The Redback Team
6th January 2016
Presenter/Organiser Alignment – The Key to Keeping Your Audience Online
Keep them engaged
Picture walking into a breakout session at a conference and thinking ‘oh no, this really isn’t for me.’
What would you do? Some of us will quickly realise this, get up and make our way out (pretending to receive a call is a favourite of mine) while for others, it’s a matter of ‘it’s already started and it would be rude to walk out – maybe I’ll learn something if I stay.’
Take this situation into the online environment and the latter doesn’t really exist – if people join your online event and it’s not what they’re expecting they will have no problems closing down their window or communicating their thoughts through features such as the chat box.
In this year’s Redback Report a whopping 89% of people admitted to leaving an online event early. Why? Here’s a breakdown of the responses:
42% – The content was not what I expected
31% – The event was too salesy and not educational enough
25% – The event ran over time
17% – Other
13% – The presenter spoke too much about themselves
How does this happen? Many fall into the trap of creating a webinar plan with a series of topics ahead of time. They then go ahead and choose their presenters after the fact. It’s important that as an organiser you and your presenter are on the same page right from the get go.
Here are some tips for Organiser/Presenter Alignment that will ultimately result in engaging your virtual audience and keeping them online.
Content is still king…
- In your online event invitation/registration page outline 3 – 5 bullet points containing information on what attendees will learn from joining. Reiterate these points as much as possible leading up to the event and ask your presenter to create discussion around them.
- Ask people what they’re hoping to gain from attending in the registration process. This engages people right from the beginning and in some cases will increase your attendance rate. Always make sure you forward this information to your presenters before the event to make sure they are aware of your audience’s expectations.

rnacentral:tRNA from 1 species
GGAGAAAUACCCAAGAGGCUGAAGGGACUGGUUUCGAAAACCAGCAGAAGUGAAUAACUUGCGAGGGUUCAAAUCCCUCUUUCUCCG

Capture from the beginning…
- The first five minutes of your online event is crucial – this is where you need to capture excitement or run the risk of ‘see ya later’. Always keep housekeeping to around 30 seconds and use this time to set expectations. Using features such as the chat box to involve your online audience is also a good idea.
- Here’s the thing – if I’m attending your webinar or webcast, I already have a fair idea about the presenter’s background. Is there really any need to spend the first five minutes of your event talking through your presenter’s bio and their achievements? If this is a must then consider creating an opening slide containing information so people can read in their own time. Our tip? Keep introductions to one short paragraph and then provide further information at the end.
Timing is of the essence…
- If your audience has given up an hour of their time then always show appreciation. Going overtime (especially without warning) can come across as rude and will only result in negative feedback. A great way to ensure this doesn’t happen is to have a private chat box open between your facilitator and presenter – your facilitator can then keep your presenter on track without disrupting your event.
- While keeping to time is important, sometimes it can’t be helped. If you find your Q&A sessions are making your event run over, consider asking your presenter to answer the questions in their own time and then send out the transcript with the recording email – smiles all around!
Do you have any more tips for aligning your presenters and organisers? We would love to hear about them!
To view more interesting facts Download The 2015 Redback Report.
Until next time,